Throughout the house, ceiling murals add artistic whimsy, such as in the his-and-hers powder rooms flanking the foyer. His shows two men wearing top hats and red bow ties, with wine and cigar, playing chess. Hers audaciously portrays harlots peering down from a balcony. Other murals, such as the one gracing the ceiling of the great room, reflect a more traditional tone.
SHOW ME THE MONEY
Don’t expect to see an “Open House” sign. Christie’s Great Estates’ vetting process for potential buyers is apparently more stringent than that undertaken for some political candi-dates. And security is tight even for those who prequalify.
Patrick Duffy, founder and principal of L.A.-based MetroIntelligence Real Estate Advisors (he also has a home in the Coachella Valley), suggests that a variety of resort companies — a la Four Seasons, W Hotels, and Donald Trump’s golf oases — could be interested in Porcupine Creek but for a minor detail: a development agreement precluding its use as a resort. That leaves a smaller, albeit global, group of potential buyers. Duffy counts among them aristocrats of the Middle East, Asia, Latin America, and Eastern Europe and Russian oligarchs. He also suggests a profile for Porcupine Creek aspirants: “People who love golf, love the Palm Springs weather and lifestyle, and also have the money to be able to maintain it.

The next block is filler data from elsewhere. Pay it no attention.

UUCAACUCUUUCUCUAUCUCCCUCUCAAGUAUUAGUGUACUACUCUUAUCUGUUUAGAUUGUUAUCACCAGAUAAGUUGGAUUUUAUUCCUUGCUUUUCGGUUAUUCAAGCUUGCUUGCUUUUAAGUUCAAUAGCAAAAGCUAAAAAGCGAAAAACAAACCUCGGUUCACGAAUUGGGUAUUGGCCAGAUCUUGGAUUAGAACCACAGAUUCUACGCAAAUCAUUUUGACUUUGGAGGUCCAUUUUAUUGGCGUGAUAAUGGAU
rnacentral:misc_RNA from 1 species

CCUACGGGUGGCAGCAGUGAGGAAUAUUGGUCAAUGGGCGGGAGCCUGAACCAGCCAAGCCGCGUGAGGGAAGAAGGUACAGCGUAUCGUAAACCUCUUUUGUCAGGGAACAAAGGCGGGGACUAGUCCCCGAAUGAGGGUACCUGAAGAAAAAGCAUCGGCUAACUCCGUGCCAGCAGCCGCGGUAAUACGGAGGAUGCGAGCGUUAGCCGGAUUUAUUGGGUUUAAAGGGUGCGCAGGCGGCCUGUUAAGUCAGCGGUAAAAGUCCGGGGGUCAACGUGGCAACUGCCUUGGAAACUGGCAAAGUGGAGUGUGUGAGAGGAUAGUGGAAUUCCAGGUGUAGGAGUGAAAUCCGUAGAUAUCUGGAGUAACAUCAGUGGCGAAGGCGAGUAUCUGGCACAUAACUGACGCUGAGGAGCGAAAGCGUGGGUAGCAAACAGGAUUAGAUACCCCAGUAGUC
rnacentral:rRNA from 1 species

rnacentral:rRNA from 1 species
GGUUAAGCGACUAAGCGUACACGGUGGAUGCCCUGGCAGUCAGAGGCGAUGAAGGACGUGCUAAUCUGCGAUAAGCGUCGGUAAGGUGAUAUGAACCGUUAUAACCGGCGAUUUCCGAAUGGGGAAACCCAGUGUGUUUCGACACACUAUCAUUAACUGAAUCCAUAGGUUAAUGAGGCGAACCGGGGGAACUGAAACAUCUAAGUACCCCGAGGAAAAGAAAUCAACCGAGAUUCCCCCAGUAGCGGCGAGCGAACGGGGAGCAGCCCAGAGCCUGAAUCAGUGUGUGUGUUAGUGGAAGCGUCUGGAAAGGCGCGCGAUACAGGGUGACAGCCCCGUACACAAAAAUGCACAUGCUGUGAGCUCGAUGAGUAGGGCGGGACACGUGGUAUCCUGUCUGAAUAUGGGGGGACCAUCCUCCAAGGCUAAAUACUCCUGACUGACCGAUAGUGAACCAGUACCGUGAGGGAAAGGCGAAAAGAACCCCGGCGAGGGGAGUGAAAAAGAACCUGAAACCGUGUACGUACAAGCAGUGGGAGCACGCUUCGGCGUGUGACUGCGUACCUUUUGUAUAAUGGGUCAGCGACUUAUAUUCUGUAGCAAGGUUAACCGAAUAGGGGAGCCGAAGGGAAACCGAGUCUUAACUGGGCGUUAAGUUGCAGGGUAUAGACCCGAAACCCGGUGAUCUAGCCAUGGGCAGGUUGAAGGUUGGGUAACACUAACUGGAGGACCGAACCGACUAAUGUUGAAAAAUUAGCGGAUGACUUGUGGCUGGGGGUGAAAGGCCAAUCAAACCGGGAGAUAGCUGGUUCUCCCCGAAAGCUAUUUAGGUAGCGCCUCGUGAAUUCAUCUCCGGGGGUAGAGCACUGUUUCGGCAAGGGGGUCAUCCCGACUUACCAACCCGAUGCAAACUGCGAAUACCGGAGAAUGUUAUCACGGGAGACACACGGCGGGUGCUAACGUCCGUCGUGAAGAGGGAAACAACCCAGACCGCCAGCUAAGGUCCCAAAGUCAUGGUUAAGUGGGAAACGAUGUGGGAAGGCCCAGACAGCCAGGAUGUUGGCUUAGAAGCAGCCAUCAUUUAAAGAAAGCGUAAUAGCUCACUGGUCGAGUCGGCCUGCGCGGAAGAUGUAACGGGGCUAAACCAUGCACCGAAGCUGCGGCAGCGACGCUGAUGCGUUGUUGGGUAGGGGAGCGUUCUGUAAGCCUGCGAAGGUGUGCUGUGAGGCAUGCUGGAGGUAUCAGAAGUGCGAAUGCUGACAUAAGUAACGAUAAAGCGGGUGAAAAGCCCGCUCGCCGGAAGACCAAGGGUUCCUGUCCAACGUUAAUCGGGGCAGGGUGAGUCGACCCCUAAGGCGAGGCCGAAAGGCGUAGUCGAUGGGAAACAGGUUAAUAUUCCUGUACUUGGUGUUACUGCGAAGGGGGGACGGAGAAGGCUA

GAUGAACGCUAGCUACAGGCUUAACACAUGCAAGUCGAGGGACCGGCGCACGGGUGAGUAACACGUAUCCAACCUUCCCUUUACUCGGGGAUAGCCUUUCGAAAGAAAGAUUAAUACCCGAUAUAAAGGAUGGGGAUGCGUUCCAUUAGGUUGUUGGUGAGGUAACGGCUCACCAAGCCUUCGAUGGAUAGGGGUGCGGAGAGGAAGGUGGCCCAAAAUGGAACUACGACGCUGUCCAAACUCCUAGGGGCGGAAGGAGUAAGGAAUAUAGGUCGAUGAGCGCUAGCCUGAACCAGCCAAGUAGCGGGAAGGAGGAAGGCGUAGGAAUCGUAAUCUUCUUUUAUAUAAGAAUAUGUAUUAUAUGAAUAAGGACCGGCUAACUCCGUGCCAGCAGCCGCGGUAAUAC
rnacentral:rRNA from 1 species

“Clearly, they would want to be able to entertain a lot,” he continues. “This is someone who will be flying [guests] into the airport and shuttling them from there — someone with time and money to spend.” Duffy also thinks Porcupine Creek would appeal to a “Ron Burkle type” who would use the property to host fundraisers as Burkle does at his Green Acres compound in Beverly Hills.
And then there’s The Donald himself, who pocketed a tidy profit after selling Maison de l’Amitie in Palm Beach, Fla., in 2008 for a cool $100 million. He paid $41.35 million for the beachfront property in 2004, refurbished it to the tune of $25 million, and sold it to Dmitry Rybolovlev (if not an oligarch, at least Russian).
“Donald Trump has Mar-a-Lago in Florida,” Duffy says. “If he had the desire, he could make [Porcupine Creek] the West Coast version of that.”